From Fast Capitalism, Mark P. Worrell (SUNY-Cortland): The Cult of Exchange Value and the Critical Theory of Spectacle; Charles Reitz (KCKCC): Marcuse In America — Exile as Educator: Deprovincializing One-Dimensional Culture in the U.S.A.; and a special issue on Paul Piccone, Telos, and the “Americanization” of Critical Theory, including essays by Timothy Luke, Russell Jacoby and Russell Berman. From Telos, a review of Confronting the Crisis: Writings of Paul Piccone. Frankfurt on the Hudson: Adam Kirsch on how the fathers of Critical Theory found their way to America (and more and more on Thomas P. Wheatland's The Frankfurt School in Exile: A Transatlantic Odyssey from Exile to Acclaim). Christian Garland reviews Negativity and Revolution: Adorno and Political Activism (and more). A review of Night Music: Essays on Music 1928–1962 By Theodor Adorno (and more). What might Adorno have said about Michael Jackson? Charles Taylor on Jurgen Habermas, philosopher-citizen. A review of Axel Honneth's Pathologies of Reason: On The Legacy of Critical Theory. From New Humanist, a review of The Transparency of Evil by Jean Baudrillard, The Cultural Turn by Fredric Jameson, The Democratic Paradox by Chantal Mouffe and Hegel Contra Sociology by Gillian Rose, all from Verso's "Radical Thinkers" series. A review of Commonwealth by Michael Hardt and Antonio Negri. From Artforum, Okwui Enwezor on Hardt and Negri’s profound if diffuse impact on artistic practice and on the art world more broadly. A review of In Praise of the Common: A Conversation on Philosophy and Politics by Cesare Casarino and Antonio Negri.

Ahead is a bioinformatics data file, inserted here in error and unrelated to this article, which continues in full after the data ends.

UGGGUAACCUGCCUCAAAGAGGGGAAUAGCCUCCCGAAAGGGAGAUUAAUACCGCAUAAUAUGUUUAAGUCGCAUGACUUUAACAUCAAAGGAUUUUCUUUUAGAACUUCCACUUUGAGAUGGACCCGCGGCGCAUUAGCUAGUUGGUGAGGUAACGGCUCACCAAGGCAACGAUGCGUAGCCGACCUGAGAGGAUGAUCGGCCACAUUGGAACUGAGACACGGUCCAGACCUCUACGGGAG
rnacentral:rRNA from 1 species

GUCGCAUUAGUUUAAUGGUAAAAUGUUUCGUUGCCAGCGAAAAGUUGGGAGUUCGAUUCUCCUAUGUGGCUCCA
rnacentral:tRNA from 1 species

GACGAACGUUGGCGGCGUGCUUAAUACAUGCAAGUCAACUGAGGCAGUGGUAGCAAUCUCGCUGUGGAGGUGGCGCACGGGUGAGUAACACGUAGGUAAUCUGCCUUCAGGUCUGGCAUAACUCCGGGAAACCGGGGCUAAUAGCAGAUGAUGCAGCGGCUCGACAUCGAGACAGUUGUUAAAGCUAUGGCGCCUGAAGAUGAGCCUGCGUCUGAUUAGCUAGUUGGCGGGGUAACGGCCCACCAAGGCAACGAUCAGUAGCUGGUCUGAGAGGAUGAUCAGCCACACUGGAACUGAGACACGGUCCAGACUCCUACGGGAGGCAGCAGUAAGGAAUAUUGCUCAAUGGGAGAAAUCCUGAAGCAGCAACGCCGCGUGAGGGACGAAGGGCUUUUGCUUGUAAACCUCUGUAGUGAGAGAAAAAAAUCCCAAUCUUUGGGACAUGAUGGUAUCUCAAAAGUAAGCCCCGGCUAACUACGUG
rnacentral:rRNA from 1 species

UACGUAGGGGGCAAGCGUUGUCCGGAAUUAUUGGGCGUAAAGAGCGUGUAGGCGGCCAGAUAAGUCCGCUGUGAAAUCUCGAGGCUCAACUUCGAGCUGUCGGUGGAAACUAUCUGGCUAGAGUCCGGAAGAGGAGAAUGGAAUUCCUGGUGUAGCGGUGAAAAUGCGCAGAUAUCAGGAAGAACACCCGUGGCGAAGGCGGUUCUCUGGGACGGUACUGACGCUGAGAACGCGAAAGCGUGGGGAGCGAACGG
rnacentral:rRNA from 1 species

From Re-public, a special issue on the economic crisis. From Dollars and Sense, (economic) freedom’s just another word for crisis-prone. Wall Street’s near-death experience: An excerpt from Too Big to Fail by Andrew Ross Sorkin (and a roundtable). Gillian Tett reviews Liquidated: An Ethnography of Wall Street by Karen Ho. An interview with Eric Maskin on books about financial crises and economic theory. A critique of pure financial reason: A review of The Myth of the Rational Market: A History of Risk, Reward, and Delusion on Wall Street by Justin Fox (and more). The first chapter (and video) of This Time is Different: Eight Centuries of Financial Folly by Carmen Reinhart and Kenneth Rogoff (and more). Shadowy Finance: Schemers didn't lose in the economic crisis, they won all over again — and here's why. Bank Buster: Can DC's top bailout cop Elizabeth Warren beat the finance lobby — and Larry Summers? The Network: Daniel Altman on how a map can prevent the next financial crisis. How the servant became a predator, or finance’s five fatal flaws: William K. Black explains how the finance economy preys on the real economy instead of serving it. The wonks that warned us: The rebel economists who predicted the financial collapse. A look at how Moody's sold its ratings — and sold out investors. What should be done with S & P and Moody’s? (and more by Steve Pearlstein). Heads I win, tails you lose: The Economist on why Wall Street needs a new social contract. From FT, a special section on the future of investing. Bentham's defense of usury: Does the institution of money transform us through becoming the metaphor for all social relations, or is money universal because all is exchange? From Plus, what is financial mathematics?